For some LGBTQ Catholics, the gender-neutral language of the law change (its use of "lay persons" instead of "lay men and women") was welcome but raised additional questions about who the law might include.
"Left unclear is whether transgender, non-binary, and gender non-conforming people similarly must be welcome to these liturgical roles," said Robert Shine, associate director of the LGBTQ Catholic advocacy organization New Ways Ministry, in a Jan. 12 post on the group's website.
"These Catholics have, in a sense, been denied personhood in a church discourse tied to gender complementarity."
Pacyniak said while the law's new gender-neutral language was not necessarily intentional, it gave them hope because it's a step away from the usual gender binary in church teachings.
"Why don't you just put 'person' every time you say 'man' in all the documents — that would solve a lot of problems," they said.
Many Catholics who commented on the new law said they wanted to see the church reopen the diaconate to women, expand the priesthood beyond celibate men, or remove gender and sexuality as obstacles to church leadership entirely.
Rubio said for her, the next step would be to see women being ordained as clergy, but that the priesthood itself needs reform to get rid of clericalism.
"It can't be about just adding women to that," she said. "We need to reconceive how we think of the priesthood."
Ott said she was disappointed to see that the pope did not heed calls from a 2019 synod of bishops from nine Amazonian countries to restore the female diaconate and allow married men to become priests.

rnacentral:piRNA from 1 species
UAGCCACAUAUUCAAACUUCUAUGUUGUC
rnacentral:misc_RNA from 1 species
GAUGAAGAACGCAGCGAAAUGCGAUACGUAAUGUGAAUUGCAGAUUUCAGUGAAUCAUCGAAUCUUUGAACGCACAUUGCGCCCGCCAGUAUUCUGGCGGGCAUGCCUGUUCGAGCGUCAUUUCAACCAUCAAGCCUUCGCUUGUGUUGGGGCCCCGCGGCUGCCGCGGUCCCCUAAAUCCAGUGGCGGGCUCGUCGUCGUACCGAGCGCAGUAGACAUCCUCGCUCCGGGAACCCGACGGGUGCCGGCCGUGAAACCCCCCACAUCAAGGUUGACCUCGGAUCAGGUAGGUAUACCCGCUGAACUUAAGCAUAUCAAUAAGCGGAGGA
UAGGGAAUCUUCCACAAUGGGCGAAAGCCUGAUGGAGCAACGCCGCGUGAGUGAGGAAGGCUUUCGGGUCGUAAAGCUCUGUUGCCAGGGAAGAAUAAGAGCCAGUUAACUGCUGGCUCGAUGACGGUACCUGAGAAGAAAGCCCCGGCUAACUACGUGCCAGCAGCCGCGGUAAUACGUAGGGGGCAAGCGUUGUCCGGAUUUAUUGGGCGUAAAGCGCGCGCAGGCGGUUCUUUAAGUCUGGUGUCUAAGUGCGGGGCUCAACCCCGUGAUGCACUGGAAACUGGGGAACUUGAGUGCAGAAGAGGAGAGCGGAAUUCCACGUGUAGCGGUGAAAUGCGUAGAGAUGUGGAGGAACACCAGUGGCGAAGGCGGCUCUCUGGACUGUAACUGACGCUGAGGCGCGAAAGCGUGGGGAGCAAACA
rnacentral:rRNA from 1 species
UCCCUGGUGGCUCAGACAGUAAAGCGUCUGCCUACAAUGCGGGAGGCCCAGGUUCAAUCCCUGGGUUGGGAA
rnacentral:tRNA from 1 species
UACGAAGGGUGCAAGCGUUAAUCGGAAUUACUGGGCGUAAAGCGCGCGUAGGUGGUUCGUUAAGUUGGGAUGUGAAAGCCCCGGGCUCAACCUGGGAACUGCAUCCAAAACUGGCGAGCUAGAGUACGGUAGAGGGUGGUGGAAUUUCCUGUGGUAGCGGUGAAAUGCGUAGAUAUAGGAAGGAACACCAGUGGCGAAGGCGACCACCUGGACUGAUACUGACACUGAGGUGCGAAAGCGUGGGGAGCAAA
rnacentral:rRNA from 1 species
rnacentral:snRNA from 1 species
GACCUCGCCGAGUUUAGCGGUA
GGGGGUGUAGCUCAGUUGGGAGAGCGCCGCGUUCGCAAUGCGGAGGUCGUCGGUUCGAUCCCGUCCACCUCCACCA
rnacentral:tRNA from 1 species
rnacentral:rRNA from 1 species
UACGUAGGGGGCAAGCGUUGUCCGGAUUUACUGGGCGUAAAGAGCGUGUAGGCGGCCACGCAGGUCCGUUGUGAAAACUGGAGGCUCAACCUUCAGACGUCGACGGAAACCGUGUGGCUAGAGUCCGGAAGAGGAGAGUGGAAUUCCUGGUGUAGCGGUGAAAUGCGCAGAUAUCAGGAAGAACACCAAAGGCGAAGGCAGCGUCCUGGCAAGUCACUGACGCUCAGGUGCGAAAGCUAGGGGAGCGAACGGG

She said she's also frustrated that the pope's commissions to study ordaining women as deacons, created in 2016 and again in April 2020, haven't led to any significant changes either.
Ott also chafes at the way church documents describe women, in her words, as "some very delicate little flowers that have some sort of special knowledge that no one can really even say what it is because it's so unearthly."
She said women and non-binary people need to be given real power in the church so they are present anywhere major church decisions are being made.
Pacyniak said for them, the ultimate goal is a church that does not discriminate based on gender or sexuality, adding that there is nothing inherent about being a cisgender man that uniquely qualifies a person for leadership.
"I'm looking at the Catholic Church — it's so concerned about declining numbers of clergy — like, 'I have a very simple solution for you,' " Pacyniak said.
Pacyniak, a doctoral student at the University of California-Riverside who holds graduate degrees from Harvard Divinity School and Boston University School of Theology, said they'd be willing to head back to school at a seminary if it meant they could be ordained in the canonical church.
They said the pope's apostolic letter is a "small move" that could create a "ripple effect" across the church.
"So keep dropping a couple more stones. Keep moving in that direction," Pacyniak said. "Let the spirit move you until we can really fulfill Galatians 3:28 — 'In Christ, there is no male or female, no Jew or Greek' — [until] we see that this beautiful diversity that we have in the human race is reflected in all levels of church leadership."